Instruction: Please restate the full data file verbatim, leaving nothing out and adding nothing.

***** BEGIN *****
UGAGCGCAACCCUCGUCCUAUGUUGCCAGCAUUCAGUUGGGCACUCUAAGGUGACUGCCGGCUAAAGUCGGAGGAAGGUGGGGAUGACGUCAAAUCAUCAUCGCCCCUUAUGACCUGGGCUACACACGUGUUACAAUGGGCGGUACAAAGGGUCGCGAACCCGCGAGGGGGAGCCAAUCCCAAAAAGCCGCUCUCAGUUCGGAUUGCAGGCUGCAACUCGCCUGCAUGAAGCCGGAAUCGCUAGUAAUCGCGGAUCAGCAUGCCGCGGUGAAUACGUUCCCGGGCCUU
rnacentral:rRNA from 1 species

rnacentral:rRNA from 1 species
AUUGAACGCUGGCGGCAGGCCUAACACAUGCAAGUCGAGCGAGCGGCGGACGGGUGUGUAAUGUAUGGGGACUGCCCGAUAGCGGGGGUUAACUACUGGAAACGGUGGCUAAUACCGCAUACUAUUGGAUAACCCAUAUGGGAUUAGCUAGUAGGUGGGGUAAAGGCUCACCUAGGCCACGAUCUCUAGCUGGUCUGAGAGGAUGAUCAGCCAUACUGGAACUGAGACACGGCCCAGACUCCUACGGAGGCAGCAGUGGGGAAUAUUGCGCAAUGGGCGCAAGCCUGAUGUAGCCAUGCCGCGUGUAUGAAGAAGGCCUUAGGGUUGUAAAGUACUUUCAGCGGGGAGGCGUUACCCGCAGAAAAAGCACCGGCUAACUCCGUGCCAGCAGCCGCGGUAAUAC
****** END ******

UGAGCGCAACCCUCGUCCUAUGUUGCCAGCAUUCAGUUGGGCACUCUAAGGUGACUGCCGGCUAAAGUCGGAGGAAGGUGGGGAUGACGUCAAAUCAUCAUCGCCCCUUAUGACCUGGGCUACACACGUGUUACAAUGGGCGGUACAAAGGGUCGCGAACCCGCGAGGGGGAGCCAAUCCCAAAAAGCCGCUCUCAGUUCGGAUUGCAGGCUGCAACUCGCCUGCAUGAAGCCGGAAUCGCUAGUAAUCGCGGAUCAGCAUGCCGCGGUGAAUACGUUCCCGGGCCUU
rnacentral:rRNA from 1 species

rnacentral:rRNA from 1 species
AUUGAACGCUGGCGGCAGGCCUAACACAUGCAAGUCGAGCGAGCGGCGGACGGGUGUGUAAUGUAUGGGGACUGCCCGAUAGCGGGGGUUAACUACUGGAAACGGUGGCUAAUACCGCAUACUAUUGGAUAACCCAUAUGGGAUUAGCUAGUAGGUGGGGUAAAGGCUCACCUAGGCCACGAUCUCUAGCUGGUCUGAGAGGAUGAUCAGCCAUACUGGAACUGAGACACGGCCCAGACUCCUACGGAGGCAGCAGUGGGGAAUAUUGCGCAAUGGGCGCAAGCCUGAUGUAGCCAUGCCGCGUGUAUGAAGAAGGCCUUAGGGUUGUAAAGUACUUUCAGCGGGGAGGCGUUACCCGCAGAAAAAGCACCGGCUAACUCCGUGCCAGCAGCCGCGGUAAUAC